PABLO PICASSO (1881-1973)
PABLO PICASSO (1881-1973)
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Artist's Resale Right ("Droit de Suite"). Artist's… Read more FORMERLY IN THE COLLECTION OF ANDRÉ LEVEL
PABLO PICASSO (1881-1973)

Nature morte

Details
PABLO PICASSO (1881-1973)
Nature morte
signed and dated '18-4-21- Picasso' (upper right)
pastel on tinted paper
9 7⁄8 x 12 7⁄8 in. (25 x 32.6 cm.)
Executed on 18 April 1921
Provenance
André Level, Paris.
André Lefèvre, Paris, by 1963, and thence by descent; estate sale, Aguttes, Paris, 21 December 2007, lot 153.
Private collection, France, by whom acquired at the above sale; sale, Aguttes, Paris, 5 December 2014, lot 43.
Acquired at the above sale by the present owner.
Exhibited
Paris, Musée national d'art moderne, Collection André Lefèvre, March - April 1964, no. 251.
Special notice

Artist's Resale Right ("Droit de Suite"). Artist's Resale Right Regulations 2006 apply to this lot, the buyer agrees to pay us an amount equal to the resale royalty provided for in those Regulations, and we undertake to the buyer to pay such amount to the artist's collection agent.
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Post lot text
‘One and the same artist was painting classicist nudes, portraits, scenes, and works in the spirit of Synthetic Cubism—at first sight quite incompatible.’ This is how Carsten-Peter Warncke defined Picasso’s works at the turn of the decade, when Nature morte was executed (in Pablo Picasso: 1881-1973, The Works 1890-1936, 1995, vol. I, p. 245). By 1921, the artist was indeed working in two styles. In addition to his celebrated cubist compositions, during the late 1910s and early 1920s Picasso experimented with a new classicizing manner, that would recall the balance, order and harmony of the ancient Greece and Rome. While the latter was employed in figurative works, most of the artist’s still lives featured distinctive Cubist traits. However, the two styles were never mutually exclusive. ‘It is as if the artist had discovered at the height of Cubism volume often strove to prevail or make its presence felt, albeit indirectly. Now, by providing it an outlet in the form of ‘classicising’ representation, his hands were freer to undertake the task of evolving an absolutely flat idiom. In other words, by returning to more or less traditional painting, a kind of split took place that allowed the artist to execute works liberated from the constraints he had been forced to combat in the past. This late form of Cubism would therefore not be completely comprehensible without the return to tradition, which assumed renaissance principles and left the artist free to work in his own independent way" (J. Palau i Fabre, Picasso, From the Ballets to Drama (1917-1926), Cologne, 1999, p. 316).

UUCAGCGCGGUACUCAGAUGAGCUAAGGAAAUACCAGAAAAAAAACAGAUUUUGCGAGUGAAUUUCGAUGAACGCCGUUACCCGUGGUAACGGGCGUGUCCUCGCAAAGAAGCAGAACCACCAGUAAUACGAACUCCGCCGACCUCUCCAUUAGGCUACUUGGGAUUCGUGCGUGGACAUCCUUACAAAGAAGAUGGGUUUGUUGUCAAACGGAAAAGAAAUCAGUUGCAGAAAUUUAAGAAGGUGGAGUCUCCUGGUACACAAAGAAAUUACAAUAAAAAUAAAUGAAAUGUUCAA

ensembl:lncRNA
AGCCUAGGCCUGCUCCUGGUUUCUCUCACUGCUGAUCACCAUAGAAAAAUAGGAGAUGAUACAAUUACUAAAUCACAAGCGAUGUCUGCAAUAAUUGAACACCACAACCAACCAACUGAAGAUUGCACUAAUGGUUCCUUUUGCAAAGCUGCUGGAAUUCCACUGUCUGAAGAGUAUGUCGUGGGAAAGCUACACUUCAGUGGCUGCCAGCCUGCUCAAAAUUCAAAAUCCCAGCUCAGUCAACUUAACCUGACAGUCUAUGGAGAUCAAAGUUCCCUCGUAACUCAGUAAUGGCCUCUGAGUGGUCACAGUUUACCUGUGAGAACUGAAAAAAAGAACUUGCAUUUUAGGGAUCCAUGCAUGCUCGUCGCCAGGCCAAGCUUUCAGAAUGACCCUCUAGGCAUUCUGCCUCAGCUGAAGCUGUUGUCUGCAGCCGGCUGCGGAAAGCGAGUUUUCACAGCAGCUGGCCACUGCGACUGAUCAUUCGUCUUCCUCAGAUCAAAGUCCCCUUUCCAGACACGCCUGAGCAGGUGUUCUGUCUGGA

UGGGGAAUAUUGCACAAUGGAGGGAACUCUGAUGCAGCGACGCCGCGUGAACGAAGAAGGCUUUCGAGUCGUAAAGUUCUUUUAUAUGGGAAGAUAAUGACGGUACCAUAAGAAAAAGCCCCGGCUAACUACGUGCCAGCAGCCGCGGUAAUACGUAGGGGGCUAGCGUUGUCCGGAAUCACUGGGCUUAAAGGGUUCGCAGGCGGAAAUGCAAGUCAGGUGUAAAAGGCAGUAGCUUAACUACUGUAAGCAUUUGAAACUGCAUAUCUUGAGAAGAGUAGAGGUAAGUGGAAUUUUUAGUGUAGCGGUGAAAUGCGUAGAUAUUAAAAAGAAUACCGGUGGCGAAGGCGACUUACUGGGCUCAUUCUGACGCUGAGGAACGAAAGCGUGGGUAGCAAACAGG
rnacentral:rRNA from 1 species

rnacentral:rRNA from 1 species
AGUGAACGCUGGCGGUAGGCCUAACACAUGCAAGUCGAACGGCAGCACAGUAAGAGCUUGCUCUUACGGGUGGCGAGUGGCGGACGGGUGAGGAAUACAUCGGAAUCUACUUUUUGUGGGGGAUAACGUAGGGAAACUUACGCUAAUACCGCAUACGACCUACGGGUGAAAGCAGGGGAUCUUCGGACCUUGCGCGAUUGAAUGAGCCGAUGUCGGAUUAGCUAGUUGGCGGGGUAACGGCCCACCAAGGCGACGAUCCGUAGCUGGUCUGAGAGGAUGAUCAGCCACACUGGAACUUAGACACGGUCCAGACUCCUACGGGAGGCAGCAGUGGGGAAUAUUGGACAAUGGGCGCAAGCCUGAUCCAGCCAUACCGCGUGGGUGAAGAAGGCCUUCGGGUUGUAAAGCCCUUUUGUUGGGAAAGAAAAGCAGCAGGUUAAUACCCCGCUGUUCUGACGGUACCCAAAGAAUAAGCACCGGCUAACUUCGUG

A wonderful example of this incredibly fertile creative moment, Nature morte’s delicate, subdued palette is reminiscent of his Neoclassical figurative works of the same years. At the same time, this work harbours the hallmarks of Synthetic Cubism: simpler shapes, flattened images, and the incorporation of textures and patterns. This almost-constructionist collage approach reveals Picasso’s profound attention to the formal qualities of his work. The dominant blocks of colour emulate paper cut-outs and faux bois glued onto the canvas: elements which played a central role in the artist's papiers collés. As Elizabeth Cowling has written, ‘Most of Picasso's still lives of 1918-1924 belong to short-lived series involving subtle formal variations on a strictly limited theme. Their imagery seems secondary to their formal devices--a pretext for the variations explored throughout the series as a whole. These paintings are full of teasing ambiguities, which mitigate the effect of rationality and impersonality. Nevertheless, one senses that Picasso was primarily concerned with formal arrangements – with the creation of balanced, although asymmetrical, compositions, ingenious combinations of rhyming shapes, and contrasts of tone and colour and plain and patterned surfaces. In their poise, control, and subtlety, they remind one of Chardin's modest kitchen still lives, in which a limited repertoire of everyday objects is shuffled and reshuffled to form a series of variations on the same melodic theme’ (Picasso, Style and Meaning, London, 2002, pp. 379, 381-382).

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